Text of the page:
How many more cattle could you run on the same acreage if you replaced all of your 1,500-pound cows with 1,000-pound cows? The big cow ate 7,300 pounds more dry matter in one year than the small cow did. This means you can replace every two large cows with three small cows (21,900 x 2 = 43,800. 14,600 x 3 = 43,800). Wouldn’t you rather have three calves weighing 450 pounds for a total saleable weight of 1,350 pounds, than two 550-pound calves for a total of 1,100 pounds?

This same property can hold 150 small cows. Three percent death loss gives you 145 saleable 450-pound calves. At $2 per pound you get a whopping $130,500!

Those females ate $55,950 in hay, so you profit $74,550. Profit per acre is $372.75. That’s $23,850 more in your pocket from the same amount of land due to using smaller cows and selling smaller calves.

Note: This is not meant to be an exhaustive scientific study. If it was, differences in nutritional content between hay and green grass would have to be included. Energy intake and usage would have to be quantified in calories. Dry matter intake percentage of body weight would be adjusted monthly. When those variables are so tightly controlled, the resulting data becomes less realistic and repeatable. My aim is to present a real-world scenario that, while simplified, is accurate and can be recreated on any ranch.

This article appeared in the June 2015 issue of Acres U.S.A.

Shift the Workload: Focus on Livestock Culling, Genetics

By Meg Grzeskiewicz

Raising livestock on any size operation is hard work. There’s no way around it. However, you can minimize your personal time and labor investment by shifting your farm’s workload from yourself to your animals. They have their entire lives to spend doing a few simple jobs: eat, grow and reproduce. You, on the other hand, have numerous important things to do. This mind-set for management of any species will lead to a low-input ranch that can be run on just a couple hours per day.

My shift-the-workload philosophy is a product of my diverse experiences in agriculture. I have a bachelor’s degree in animal science and agribusiness from West Virginia University. I have worked on ranches in Montana and Texas, and for renowned grazier Greg Judy in Missouri. As an intern at his ranch I learned how to harness the power of nature with mob grazing.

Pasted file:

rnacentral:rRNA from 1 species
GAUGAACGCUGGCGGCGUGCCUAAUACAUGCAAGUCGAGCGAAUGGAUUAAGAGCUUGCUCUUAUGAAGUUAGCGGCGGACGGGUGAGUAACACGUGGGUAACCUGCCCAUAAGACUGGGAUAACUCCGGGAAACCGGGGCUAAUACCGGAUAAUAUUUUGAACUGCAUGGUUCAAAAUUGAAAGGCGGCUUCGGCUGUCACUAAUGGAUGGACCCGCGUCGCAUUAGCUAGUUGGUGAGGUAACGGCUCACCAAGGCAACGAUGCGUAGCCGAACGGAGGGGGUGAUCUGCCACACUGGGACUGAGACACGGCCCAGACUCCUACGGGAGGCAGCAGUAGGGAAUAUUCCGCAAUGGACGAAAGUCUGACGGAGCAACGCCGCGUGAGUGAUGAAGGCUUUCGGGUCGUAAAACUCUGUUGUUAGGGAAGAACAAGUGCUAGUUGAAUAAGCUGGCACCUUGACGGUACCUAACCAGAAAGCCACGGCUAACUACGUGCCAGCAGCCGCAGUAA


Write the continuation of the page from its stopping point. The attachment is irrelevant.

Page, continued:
I now own Rhinestone Cattle Co., a grass-fed beef and consulting operation in western New York. I have taken much inspiration from the work of Tom Lassiter, Gearld Fry and Ian Mitchell-Innes.

This article is written from the viewpoint of a 100 percent forage-fed beef cattle producer in the northeastern United States.

Make Your Own Rules

Your only obligations as a rancher are to provide your animals with humane living conditions, clean water and plenty to eat. All decisions above and beyond that are up to you. I’m always busy, so it’s essential to me that my cattle are able to take care of themselves. My goal is basically to move one polywire every day, then sit back and collect a check.

Pick a set of management protocols that are ideal for you, and make your animals fit into that program. Base this on how much time and input money you’re willing to spend in order to reach your desired end product and level of production. Make a list of requirements for your herd to meet.

angus calf
A Red Angus crossed with Belted Galloway, 4-month-old bull calf.

Here are some of my rules:

  • Cattle will be mob grazed and moved once per day.
  • Cattle must remain in good body condition year-round with no feed or supplements other than pasture, hay and mineral.
  • All mature females must conceive during a 45-day natural breeding season.
  • All cows and heifers must calve unassisted, without night checks.
  • No preventative health products will be given to any animal.

Breed the Toughest Cows on Earth